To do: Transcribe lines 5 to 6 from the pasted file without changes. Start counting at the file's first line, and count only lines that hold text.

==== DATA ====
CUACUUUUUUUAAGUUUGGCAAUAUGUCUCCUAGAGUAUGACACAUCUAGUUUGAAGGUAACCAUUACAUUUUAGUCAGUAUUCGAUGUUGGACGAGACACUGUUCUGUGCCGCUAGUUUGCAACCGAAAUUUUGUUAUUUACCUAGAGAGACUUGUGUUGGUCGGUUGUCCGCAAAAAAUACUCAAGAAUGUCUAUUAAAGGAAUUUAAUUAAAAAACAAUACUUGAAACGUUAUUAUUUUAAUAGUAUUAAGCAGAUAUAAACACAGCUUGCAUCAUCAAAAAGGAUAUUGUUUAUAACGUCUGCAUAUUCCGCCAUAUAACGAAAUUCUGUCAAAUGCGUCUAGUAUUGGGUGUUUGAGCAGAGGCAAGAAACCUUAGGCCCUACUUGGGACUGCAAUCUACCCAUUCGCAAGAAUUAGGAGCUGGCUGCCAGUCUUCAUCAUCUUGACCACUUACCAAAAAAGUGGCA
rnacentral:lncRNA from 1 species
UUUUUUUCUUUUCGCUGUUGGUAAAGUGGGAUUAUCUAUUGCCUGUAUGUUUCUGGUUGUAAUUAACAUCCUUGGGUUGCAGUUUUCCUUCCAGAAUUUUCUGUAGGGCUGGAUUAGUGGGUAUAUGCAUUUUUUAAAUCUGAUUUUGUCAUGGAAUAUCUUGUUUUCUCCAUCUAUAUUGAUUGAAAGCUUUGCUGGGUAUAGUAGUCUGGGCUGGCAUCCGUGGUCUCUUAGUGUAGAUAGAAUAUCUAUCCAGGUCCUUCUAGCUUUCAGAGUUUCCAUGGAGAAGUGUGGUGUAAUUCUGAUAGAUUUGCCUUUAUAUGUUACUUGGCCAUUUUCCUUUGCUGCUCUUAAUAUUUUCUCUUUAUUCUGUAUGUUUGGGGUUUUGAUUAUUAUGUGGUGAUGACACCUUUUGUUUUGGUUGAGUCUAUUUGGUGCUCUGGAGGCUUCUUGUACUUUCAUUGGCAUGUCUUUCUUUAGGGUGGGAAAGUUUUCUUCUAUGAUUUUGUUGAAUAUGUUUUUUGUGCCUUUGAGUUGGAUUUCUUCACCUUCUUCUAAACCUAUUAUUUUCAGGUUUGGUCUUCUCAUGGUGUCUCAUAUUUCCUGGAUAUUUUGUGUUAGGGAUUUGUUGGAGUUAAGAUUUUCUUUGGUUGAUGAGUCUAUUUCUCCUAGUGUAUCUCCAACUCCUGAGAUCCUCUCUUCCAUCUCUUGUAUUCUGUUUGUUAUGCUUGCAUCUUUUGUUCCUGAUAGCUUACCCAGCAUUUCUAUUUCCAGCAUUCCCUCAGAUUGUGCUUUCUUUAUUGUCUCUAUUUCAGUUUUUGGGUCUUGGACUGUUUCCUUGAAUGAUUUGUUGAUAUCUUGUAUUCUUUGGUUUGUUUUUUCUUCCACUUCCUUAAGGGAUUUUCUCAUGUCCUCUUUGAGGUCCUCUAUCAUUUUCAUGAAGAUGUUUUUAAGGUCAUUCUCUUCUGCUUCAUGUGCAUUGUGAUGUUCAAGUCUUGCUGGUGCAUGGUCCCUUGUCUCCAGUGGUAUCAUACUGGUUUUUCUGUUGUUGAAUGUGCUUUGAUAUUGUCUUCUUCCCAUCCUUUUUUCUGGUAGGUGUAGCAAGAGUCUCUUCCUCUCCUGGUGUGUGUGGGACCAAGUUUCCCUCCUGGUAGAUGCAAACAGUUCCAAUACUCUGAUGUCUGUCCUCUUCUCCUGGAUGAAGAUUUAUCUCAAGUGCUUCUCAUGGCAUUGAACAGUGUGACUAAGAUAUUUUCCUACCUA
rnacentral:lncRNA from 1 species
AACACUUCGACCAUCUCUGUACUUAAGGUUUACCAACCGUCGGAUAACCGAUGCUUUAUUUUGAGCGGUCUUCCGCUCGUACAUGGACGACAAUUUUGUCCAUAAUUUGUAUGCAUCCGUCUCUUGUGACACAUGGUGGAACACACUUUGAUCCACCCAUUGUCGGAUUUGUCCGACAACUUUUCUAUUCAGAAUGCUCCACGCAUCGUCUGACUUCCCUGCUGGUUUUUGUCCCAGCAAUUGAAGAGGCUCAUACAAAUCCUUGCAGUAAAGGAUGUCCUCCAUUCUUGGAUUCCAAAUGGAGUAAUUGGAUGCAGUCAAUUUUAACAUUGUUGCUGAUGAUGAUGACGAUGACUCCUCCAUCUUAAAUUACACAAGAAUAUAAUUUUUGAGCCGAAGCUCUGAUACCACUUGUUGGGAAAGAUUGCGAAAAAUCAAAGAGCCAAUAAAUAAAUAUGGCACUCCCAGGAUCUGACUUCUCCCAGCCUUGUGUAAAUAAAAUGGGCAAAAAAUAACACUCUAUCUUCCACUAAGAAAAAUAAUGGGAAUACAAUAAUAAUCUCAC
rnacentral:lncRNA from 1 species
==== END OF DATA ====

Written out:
AACACUUCGACCAUCUCUGUACUUAAGGUUUACCAACCGUCGGAUAACCGAUGCUUUAUUUUGAGCGGUCUUCCGCUCGUACAUGGACGACAAUUUUGUCCAUAAUUUGUAUGCAUCCGUCUCUUGUGACACAUGGUGGAACACACUUUGAUCCACCCAUUGUCGGAUUUGUCCGACAACUUUUCUAUUCAGAAUGCUCCACGCAUCGUCUGACUUCCCUGCUGGUUUUUGUCCCAGCAAUUGAAGAGGCUCAUACAAAUCCUUGCAGUAAAGGAUGUCCUCCAUUCUUGGAUUCCAAAUGGAGUAAUUGGAUGCAGUCAAUUUUAACAUUGUUGCUGAUGAUGAUGACGAUGACUCCUCCAUCUUAAAUUACACAAGAAUAUAAUUUUUGAGCCGAAGCUCUGAUACCACUUGUUGGGAAAGAUUGCGAAAAAUCAAAGAGCCAAUAAAUAAAUAUGGCACUCCCAGGAUCUGACUUCUCCCAGCCUUGUGUAAAUAAAAUGGGCAAAAAAUAACACUCUAUCUUCCACUAAGAAAAAUAAUGGGAAUACAAUAAUAAUCUCAC
rnacentral:lncRNA from 1 species